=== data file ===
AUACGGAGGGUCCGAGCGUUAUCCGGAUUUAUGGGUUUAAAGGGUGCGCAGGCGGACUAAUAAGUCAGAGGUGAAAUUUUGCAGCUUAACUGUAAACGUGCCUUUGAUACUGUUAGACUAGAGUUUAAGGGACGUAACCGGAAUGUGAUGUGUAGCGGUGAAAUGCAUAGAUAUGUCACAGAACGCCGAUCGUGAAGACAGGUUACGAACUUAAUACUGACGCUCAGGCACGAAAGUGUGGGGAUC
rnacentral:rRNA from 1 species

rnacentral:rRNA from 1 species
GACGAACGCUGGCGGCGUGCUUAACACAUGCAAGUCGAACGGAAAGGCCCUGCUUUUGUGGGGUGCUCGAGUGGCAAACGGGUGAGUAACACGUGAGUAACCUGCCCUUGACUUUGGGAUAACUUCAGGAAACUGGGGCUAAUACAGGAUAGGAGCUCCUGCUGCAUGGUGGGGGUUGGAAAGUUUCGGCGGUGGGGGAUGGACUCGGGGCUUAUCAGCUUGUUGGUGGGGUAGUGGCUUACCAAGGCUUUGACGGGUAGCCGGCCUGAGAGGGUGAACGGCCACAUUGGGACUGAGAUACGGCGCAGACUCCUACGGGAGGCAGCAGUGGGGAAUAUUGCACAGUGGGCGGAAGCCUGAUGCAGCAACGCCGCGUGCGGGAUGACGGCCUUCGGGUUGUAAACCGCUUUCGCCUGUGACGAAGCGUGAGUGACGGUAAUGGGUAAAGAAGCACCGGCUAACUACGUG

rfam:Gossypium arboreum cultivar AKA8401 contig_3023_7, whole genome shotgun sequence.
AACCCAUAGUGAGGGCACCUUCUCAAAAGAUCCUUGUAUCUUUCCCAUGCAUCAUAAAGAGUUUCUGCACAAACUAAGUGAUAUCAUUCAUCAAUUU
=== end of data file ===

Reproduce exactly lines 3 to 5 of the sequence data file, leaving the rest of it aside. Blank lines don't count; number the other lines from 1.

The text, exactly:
rnacentral:rRNA from 1 species
GACGAACGCUGGCGGCGUGCUUAACACAUGCAAGUCGAACGGAAAGGCCCUGCUUUUGUGGGGUGCUCGAGUGGCAAACGGGUGAGUAACACGUGAGUAACCUGCCCUUGACUUUGGGAUAACUUCAGGAAACUGGGGCUAAUACAGGAUAGGAGCUCCUGCUGCAUGGUGGGGGUUGGAAAGUUUCGGCGGUGGGGGAUGGACUCGGGGCUUAUCAGCUUGUUGGUGGGGUAGUGGCUUACCAAGGCUUUGACGGGUAGCCGGCCUGAGAGGGUGAACGGCCACAUUGGGACUGAGAUACGGCGCAGACUCCUACGGGAGGCAGCAGUGGGGAAUAUUGCACAGUGGGCGGAAGCCUGAUGCAGCAACGCCGCGUGCGGGAUGACGGCCUUCGGGUUGUAAACCGCUUUCGCCUGUGACGAAGCGUGAGUGACGGUAAUGGGUAAAGAAGCACCGGCUAACUACGUG

rfam:Gossypium arboreum cultivar AKA8401 contig_3023_7, whole genome shotgun sequence.